For quite a while before 2015, there really wasn't much to write about Nissan's pick-up offering in the market. The Eagle, the Frontier, and even the previous generation D40 Navara were solid trucks, but they seemed to be just content to be present in the market as their competitors took the lead.
Such isn't the case anymore for this NP300 Navara.
The NP300 was first revealed to us in 2014. We had a chance to try it out on Thai roads and, later on, on the sand dunes of Ilocos Norte, but now we're sticking the Navara in the city, and see if this truck really can be a great daily driver.
For one, it's styled to look good anywhere you take it. Designers of pick-ups are usually constrained given the body shape, but that didn't stop Nissan from making the Navara one of the most stylish of the bunch. Smooth surfaces, rounded edges, and an upscale looking front end are what make the Navara different from the tough looking trucks in the market. The wheels are quite nice to look at, and the way the bed is designed -even with that flat ledge on the tailgate- speak of a lifestyle truck.
Looking around the cabin, the Navara is clearly intended for non-traditional clientele. The dashboard is far more upscale than before; it's more reminiscent of one you would find in an executive car or SUV rather than a pick-up. The seats are quite comfortable, the controls (steering, shifter) have that premium feel about them, and the buttons are nice to the touch. Legroom in the back is quite good; a far cry from what was expected of pick-ups back in the day.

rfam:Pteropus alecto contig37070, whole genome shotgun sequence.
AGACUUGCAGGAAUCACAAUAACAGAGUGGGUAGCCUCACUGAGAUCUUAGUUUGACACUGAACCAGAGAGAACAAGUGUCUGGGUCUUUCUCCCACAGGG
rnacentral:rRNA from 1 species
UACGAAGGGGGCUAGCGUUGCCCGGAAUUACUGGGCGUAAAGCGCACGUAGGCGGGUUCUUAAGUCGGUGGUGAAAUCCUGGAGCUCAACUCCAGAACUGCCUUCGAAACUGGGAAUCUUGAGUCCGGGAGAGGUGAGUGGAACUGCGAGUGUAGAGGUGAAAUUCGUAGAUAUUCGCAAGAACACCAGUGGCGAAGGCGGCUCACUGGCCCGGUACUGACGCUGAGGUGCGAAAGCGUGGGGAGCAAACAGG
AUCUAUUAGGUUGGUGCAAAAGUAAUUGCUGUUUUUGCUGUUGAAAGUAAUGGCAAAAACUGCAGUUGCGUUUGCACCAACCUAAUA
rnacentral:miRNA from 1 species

In the features department, the Navara certainly doesn't feel shortchanged. Steering wheel buttons, daylight running LEDs, projector headlamps, USB input, Aux input and Bluetooth connectivity. The infotainment system could have been better, as the display feels like it's a generation behind in terms of graphics; we can fault the Navara's competitors for raising the bar in the in-car entertainment field.
Start her up and the 2.5L turbodiesel fires itself up, and then settles down to a smooth and quiet idle. The engine itself is a carryover from the previous generation, but they didn't really need to change it anyway as 190 PS and 450 Nm of torque is quite plenty; that torque figure will come in handy if you do fulfill the trucks purpose and load up the back. What Nissan did change was the transmission: the Navara now gets a 7-speed automatic gearbox with good ol' 4x4 drive, if you need it.
On the daily commute, the Navara feels much like a well engineered SUV rather than a truck thanks to an automatic gearbox that takes care of shifts smoothly and an engine that has plenty of go. Fuel economy is one of the best attributes of the Navara, yielding 10.5 kilometers for every liter of diesel in the city (22 km/h average speed) and 14.2 km/l on the highway (91 km/h average).
The best bit about the Navara is it's rear suspension: they've tossed out the classic leaf springs in favor of the more pliant 5-link coil-spring set-up. Pick-up purists may find that sacrilegious, but it's ideal for those who seek the performance and capabilities of the truck without a ride that can shake milk into butter. Sure, the softer suspension makes the rear squat when fully loaded, but it'll still get the job done if needed. The suspension set-up also doesn't take away from the off-road abilities of the Navara; we've put that to the test on trails and sand dunes beforehand, and still it kept on smiling.
Overall, the NP300 Navara performs as advertised; stylish, efficient, powerful, capable and, finally, comfortable. At PhP 1,520,000, this VL 4x4 version is definitely a good deal in the segment and -if you really need to know- yes, the airconditioning is very cold as well.